It was the supercar you could take to Sainsbury’s – but, relates Andrew Frankel, it would scramble your eggs on the way back
The idea could scarcely have been more right; it was the execution that was found lacking. Back in the ’80s, Volvo decided it could no longer live by armoured personnel carrier alone. Its reputation for being one of the most safety-conscious marques on Earth had won it a loyal customer base but there was this feeling that the resulting cars, which possessed all the visual and driving appeal of an airport bus were perhaps keeping a few away.
The problem was that Volvo could not re-invent itself overnight. That would have been to abandon existing customers in pursuit of those swayed by the more sensual charms of BMW and Mercedes. They would need more than a little persuading that a Volvo really was the best to be seen in.
So Volvo decided to cater for both its old and its prospective punters. Its cars would still be built to withstand a nuclear strike, they’d still be angular, but just a few of them would also go like hell.
Far and away the best example of Volvo’s attempt to marry the wildly opposing interests of its traditional buyers and the younger, racier types it sought to attract was the 850 T5-R Estate.
From a distance, it looked sane enough: the reassuringly blocky shape of the ’80s big Volvo had been softened a little around the edges for the caring ’90s, but it wasn’t until you were much closer, close enough to see the rear wing, front chin and beautiful anodised 17in alloy wheels, that you realised this Volvo had things on its mind other than taking the kids to school.
It had something different under the bonnet too. There lurked a Porsche-designed 2.3-litre five-cylinder motor with 240bhp, 221lb ft of torque and enough acceleration to outrun from 50-70mph in top gear what was, back in 1994, the fastest Ferrari in production, the 512TR.
Was this not, then, the answer to everyone’s dreams, a Labrador-friendly Volvo that could talk turkey with the cream of Italy’s supercars, and on sale for not much more than a fully loaded Ford Scorpio estate? For some, undoubtedly. It has to be said that it was strong on novelty value. Back then, we were not used to seeing Volvos heading the pack at British Touring Car Championship races and, while Volvo had actually built some rather powerful versions of its monstrous 700 and 900 series, their performance was almost incidental.
In the T5-R performance was everything, and to prove this it came not simply with those gorgeous wheels but also radical 205/45 ZR 17 Pirelli P-Zero tyres and truly radical suspension settings. I can see why this might still seem like the ideal all-purpose motorcar, but for me the reality was rather different. The problem started with the fact that all that power had to be diverted through the front wheels and it simply spread from there.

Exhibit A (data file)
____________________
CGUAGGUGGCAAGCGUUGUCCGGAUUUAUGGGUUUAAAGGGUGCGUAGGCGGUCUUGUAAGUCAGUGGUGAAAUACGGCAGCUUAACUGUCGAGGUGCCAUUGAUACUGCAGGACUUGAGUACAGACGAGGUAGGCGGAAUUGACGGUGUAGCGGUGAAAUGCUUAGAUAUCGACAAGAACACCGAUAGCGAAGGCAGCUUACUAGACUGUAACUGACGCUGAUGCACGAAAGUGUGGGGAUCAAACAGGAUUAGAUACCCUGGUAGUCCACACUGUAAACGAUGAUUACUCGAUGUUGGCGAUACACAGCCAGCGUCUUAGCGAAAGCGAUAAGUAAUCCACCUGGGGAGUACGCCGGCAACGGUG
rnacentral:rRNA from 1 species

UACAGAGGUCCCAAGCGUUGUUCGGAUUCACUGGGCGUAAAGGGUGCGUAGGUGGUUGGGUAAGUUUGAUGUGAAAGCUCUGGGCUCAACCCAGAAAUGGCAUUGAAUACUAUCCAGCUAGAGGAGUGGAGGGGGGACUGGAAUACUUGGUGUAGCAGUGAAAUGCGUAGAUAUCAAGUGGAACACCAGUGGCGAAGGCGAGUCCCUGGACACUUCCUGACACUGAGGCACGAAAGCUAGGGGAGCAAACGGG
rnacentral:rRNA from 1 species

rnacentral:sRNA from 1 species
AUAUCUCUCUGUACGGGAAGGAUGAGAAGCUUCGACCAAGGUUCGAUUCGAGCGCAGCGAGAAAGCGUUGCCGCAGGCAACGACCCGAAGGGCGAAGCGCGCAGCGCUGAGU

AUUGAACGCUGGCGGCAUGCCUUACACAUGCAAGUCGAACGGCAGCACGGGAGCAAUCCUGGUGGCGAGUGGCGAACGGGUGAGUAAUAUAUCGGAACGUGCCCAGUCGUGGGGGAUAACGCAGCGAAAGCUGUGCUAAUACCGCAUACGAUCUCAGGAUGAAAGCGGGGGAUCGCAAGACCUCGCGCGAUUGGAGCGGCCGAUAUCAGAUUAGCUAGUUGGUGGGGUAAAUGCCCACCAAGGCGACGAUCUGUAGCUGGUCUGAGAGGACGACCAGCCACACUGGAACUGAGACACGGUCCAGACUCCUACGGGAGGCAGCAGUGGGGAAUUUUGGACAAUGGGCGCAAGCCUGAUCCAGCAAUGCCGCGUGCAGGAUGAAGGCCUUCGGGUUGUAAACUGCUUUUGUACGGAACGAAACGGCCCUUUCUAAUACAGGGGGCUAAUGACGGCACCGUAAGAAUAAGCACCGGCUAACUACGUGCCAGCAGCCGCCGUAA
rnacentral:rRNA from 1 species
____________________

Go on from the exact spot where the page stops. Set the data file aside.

Essentially, the engine was far too good for the chassis in which it found itself. It poured on the power so smoothly and quietly that you often found yourself bouncing off the rev-limit at the exit of corners as wheelspin took over where traction gave up. Nor was this a problem which limited itself to wet weather. The TS-R simply could not cope with its power and while Volvo was canny enough to make sure this never endangered its occupants — it suffered from remarkably little torque-steer and the handling was nothing if not stable — neither did it represent exactly the last word in on-limit finesse.
Certainly it would grip as hard as its tyre and suspension specification would suggest so long as the road was dry, but if the balance and adjustability you might have hoped for had been engineered into the car too, there was no sign.
Perhaps this is forgivable. No-one bought a Volvo back then with sky-high expectations of its handling. After its power and undoubted practicality, this was maybe not the highest item on the priority list. There was, however, something else about this car which was truly unforgiveable: its ride quality.
In the T5-R estate, the phrase ‘ride quality’ was an oxymoron. In nearly a decade of testing cars, I only drove one new car which rode worse. It was an Indian Jeep-imitation called a Mahindra Indian Chief, and for its utter inability to absorb anything which you might describe as a bump, it trumped the £28,000 Volvo. But not by much.
That Volvo rode like its suspension had been replaced by bricks. It’s very rare for any new car to have a single problem so severe that it completely undermines the rest of the car’s often impressive abilities. But that was the way it was with that Volvo. I didn’t like the wheelspin, and would have preferred slightly more indulgent handling but could easily have lived with them. No car is perfect and, in all other respects the TS-R was so incomparably better than any of the old-series Volvos that it would have been churlish to damn it for such faults.
But the ride was different. I knew within 100 yards of driving it that I could never recommend this car to anyone, even if in all other respects it turned out to be the finest estate car I’d ever driven. At the time, Autocar suggested drivers should make an appointment for every second Friday at the osteopaths. It was a statement made entirely in jest but I knew where its author was coming from.
Volvo did too. It did sort out the T5-R by the time its replacement, the 850R came along. And while that car would still win no prizes for its chassis’ abilities, no longer do they provide a reason for never even considering ownership.
The T5-R Estate was a rarity. The less powerful but equally fast T5 was both more common and comfortable and even the T5-R saloon was a marked improvement. All rode pretty terribly but none so badly as to poison your view of the entire car. Sadly, the same could not be said for the T5-R Estate.
Verdict: Rotten Apple.